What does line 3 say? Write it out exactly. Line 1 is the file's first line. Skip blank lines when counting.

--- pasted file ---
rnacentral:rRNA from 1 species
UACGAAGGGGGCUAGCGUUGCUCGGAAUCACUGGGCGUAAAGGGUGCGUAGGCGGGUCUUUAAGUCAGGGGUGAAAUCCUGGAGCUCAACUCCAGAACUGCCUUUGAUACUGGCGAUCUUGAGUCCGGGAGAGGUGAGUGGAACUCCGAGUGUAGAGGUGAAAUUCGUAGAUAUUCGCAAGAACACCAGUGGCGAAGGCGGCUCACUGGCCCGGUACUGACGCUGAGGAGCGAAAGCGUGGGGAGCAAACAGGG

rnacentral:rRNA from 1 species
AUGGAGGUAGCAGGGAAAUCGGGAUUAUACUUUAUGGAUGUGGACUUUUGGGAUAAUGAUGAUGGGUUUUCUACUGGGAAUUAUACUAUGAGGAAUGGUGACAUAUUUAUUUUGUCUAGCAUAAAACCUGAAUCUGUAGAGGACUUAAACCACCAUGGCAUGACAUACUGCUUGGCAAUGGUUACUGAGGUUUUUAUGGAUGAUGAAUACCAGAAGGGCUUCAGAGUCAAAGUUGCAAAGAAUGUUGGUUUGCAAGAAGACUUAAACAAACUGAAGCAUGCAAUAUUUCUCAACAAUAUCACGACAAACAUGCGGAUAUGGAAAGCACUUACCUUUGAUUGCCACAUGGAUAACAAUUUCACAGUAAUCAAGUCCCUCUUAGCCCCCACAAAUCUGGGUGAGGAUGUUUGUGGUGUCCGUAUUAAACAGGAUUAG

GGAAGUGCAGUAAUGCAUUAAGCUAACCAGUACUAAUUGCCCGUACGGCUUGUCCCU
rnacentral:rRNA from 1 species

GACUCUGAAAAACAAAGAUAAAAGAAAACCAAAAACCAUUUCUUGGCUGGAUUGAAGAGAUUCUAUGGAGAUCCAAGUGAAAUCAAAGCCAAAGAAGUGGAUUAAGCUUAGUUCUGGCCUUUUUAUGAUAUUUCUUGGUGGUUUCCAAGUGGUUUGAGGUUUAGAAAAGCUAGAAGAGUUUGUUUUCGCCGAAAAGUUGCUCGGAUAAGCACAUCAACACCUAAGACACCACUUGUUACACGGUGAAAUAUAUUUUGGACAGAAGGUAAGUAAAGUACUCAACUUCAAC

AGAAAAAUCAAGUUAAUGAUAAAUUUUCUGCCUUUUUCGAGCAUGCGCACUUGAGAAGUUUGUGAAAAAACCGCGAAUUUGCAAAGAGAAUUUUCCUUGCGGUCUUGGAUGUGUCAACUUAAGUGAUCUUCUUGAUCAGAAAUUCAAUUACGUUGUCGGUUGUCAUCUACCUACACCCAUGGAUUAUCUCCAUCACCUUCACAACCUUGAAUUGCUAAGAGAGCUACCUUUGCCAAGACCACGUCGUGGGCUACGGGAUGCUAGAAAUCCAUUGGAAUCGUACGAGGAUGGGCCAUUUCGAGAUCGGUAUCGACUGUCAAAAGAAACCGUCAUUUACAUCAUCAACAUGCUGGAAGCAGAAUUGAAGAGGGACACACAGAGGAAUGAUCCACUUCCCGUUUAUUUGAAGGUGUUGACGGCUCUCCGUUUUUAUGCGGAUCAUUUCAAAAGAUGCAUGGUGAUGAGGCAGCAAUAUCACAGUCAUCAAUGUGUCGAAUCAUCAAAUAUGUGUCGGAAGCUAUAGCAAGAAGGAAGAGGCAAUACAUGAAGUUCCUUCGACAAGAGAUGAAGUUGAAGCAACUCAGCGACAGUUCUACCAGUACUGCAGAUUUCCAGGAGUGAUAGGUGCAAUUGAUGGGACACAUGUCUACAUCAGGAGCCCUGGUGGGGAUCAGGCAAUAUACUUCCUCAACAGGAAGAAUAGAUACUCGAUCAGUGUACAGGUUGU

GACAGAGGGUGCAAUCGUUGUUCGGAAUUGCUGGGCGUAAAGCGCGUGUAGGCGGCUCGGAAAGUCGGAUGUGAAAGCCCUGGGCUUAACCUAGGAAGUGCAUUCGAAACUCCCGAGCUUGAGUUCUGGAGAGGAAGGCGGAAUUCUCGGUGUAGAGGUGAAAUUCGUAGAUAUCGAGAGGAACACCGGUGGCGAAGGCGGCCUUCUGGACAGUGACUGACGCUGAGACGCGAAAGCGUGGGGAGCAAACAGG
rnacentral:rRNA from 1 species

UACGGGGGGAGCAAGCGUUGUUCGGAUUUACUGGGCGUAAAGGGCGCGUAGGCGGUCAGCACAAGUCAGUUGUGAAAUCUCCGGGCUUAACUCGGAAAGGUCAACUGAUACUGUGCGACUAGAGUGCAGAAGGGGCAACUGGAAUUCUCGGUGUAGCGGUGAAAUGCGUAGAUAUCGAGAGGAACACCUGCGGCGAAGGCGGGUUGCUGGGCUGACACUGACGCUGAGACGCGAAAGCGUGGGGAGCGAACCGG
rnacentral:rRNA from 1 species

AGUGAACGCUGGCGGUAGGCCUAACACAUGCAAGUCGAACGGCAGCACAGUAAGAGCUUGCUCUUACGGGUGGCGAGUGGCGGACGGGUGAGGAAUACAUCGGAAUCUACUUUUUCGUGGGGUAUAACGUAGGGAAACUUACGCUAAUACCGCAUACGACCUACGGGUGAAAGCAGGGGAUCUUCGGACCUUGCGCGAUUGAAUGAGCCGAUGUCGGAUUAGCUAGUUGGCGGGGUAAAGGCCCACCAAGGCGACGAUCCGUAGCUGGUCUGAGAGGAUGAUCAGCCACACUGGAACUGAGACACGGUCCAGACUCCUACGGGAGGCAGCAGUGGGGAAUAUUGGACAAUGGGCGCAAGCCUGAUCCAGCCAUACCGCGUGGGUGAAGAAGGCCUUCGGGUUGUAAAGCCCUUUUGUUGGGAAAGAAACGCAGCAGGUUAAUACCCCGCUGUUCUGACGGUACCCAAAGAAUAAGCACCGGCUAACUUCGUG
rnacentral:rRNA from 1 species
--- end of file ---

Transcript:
rnacentral:rRNA from 1 species